Understanding Latino Families' Food and Health Behaviors: A Mixed Methods Study



Tadio, Kathryn

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Background: Low-income Latino children are disproportionately affected by obesity in the United States. Parents play a significant role in the treatment of childhood obesity. Objective: To evaluate the attitudes, norms, self-efficacy and behavioral intentions for healthy eating and management of childhood obesity in Latino families based on the Theory of Planned Behavior. Design: This research is a subset of a 10-week weight management intervention for Latino families with children above the 85th percentile for BMI. This mixed methods study had quantitative data that included Block Food Frequency Questionnaires (Block FFQ) and 24-hour recalls from the pilot cohort study, uncontrolled clinical trial (n=16 children) recruited from schools/clinics in Manassas, Virginia. Qualitative data included exit surveys and nine interviews with families. Methods: Pre and post-intervention Block FFQ and 24-hour recall variable changes were assessed. Interviews were analyzed using beliefs, values, attitudes, norms and behavioral intentions qualitative coding. Results: From the pre/post intervention surveys decreases in whole milk, fruit juice, and trans-fat consumption were found while vegetables soup increased. Interview data identified significant barriers to Latino family health success around gender, family and self-efficacy. Conclusions: Qualitative and quantitative data from Block FFQ, 24-hour recalls, exit surveys, and interviews found that the intervention did not significantly affect measured food behaviors, but participants applied health knowledge from sessions. Consumption pattern changes were nutritionally favorable and reflected lesson plans. Participants conveyed changes in intentions, values, attitudes and beliefs toward healthy lifestyles, demonstrating possible future behavior change. Interviews helped to understand common factors for Latino health success.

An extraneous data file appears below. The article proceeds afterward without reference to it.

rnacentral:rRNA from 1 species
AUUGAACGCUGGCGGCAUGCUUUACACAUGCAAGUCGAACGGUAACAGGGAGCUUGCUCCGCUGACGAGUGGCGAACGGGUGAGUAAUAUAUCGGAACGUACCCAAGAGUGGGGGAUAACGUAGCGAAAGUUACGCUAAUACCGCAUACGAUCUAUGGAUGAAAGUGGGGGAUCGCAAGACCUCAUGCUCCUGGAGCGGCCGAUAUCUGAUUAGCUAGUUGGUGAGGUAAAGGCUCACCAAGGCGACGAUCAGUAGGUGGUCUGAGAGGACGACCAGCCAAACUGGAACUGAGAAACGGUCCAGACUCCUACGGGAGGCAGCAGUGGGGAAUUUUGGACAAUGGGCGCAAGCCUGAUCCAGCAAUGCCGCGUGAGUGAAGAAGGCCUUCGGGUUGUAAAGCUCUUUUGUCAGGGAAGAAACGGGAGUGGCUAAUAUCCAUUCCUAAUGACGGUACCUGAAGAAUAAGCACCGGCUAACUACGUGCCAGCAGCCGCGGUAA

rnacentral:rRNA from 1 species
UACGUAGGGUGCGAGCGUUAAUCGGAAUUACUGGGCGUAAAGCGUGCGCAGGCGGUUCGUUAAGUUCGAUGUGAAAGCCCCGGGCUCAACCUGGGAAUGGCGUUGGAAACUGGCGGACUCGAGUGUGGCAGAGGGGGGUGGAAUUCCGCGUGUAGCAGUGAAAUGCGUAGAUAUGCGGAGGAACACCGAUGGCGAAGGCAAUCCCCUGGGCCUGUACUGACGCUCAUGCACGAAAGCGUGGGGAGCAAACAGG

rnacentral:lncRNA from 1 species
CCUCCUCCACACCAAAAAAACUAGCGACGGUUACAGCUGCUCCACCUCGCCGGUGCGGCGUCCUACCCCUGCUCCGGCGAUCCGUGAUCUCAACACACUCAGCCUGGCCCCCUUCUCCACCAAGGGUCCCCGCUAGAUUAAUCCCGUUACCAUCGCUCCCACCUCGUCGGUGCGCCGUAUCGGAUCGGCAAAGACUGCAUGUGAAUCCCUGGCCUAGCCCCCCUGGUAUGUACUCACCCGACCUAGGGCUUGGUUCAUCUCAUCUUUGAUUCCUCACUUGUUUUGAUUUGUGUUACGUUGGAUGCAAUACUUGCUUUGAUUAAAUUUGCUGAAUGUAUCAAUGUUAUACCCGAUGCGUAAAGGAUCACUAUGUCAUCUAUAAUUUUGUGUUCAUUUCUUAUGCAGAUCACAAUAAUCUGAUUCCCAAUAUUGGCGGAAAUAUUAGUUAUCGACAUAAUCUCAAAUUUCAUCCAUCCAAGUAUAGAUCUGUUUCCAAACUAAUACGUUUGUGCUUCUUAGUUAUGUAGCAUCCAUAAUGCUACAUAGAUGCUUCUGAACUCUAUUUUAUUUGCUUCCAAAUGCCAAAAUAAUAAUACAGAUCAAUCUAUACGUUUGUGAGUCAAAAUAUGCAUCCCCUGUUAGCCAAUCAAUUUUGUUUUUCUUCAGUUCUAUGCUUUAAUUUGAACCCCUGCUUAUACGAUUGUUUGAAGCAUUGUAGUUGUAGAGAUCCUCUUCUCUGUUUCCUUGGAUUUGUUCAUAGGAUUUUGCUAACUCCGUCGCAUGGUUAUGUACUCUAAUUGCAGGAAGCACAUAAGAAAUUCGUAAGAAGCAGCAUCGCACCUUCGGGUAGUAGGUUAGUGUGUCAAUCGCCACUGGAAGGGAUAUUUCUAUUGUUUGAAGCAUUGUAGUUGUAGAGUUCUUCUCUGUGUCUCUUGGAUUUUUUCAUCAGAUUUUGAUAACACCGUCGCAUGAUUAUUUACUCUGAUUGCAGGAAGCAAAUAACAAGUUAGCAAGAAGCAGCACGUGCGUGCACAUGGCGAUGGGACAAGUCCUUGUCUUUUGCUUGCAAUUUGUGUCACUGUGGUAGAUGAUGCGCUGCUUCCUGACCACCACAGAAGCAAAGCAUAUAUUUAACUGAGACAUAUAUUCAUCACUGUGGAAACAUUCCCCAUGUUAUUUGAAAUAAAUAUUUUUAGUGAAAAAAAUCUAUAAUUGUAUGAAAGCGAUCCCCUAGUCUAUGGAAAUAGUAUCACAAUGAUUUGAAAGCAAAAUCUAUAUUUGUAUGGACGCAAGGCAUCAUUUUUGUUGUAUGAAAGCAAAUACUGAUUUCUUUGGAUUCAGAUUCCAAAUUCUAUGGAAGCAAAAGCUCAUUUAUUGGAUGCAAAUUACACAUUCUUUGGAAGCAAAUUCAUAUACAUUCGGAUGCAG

Latino, Childhood obesity, Health behaviors, Mixed methods study, Families, The Theory of Planned Behavior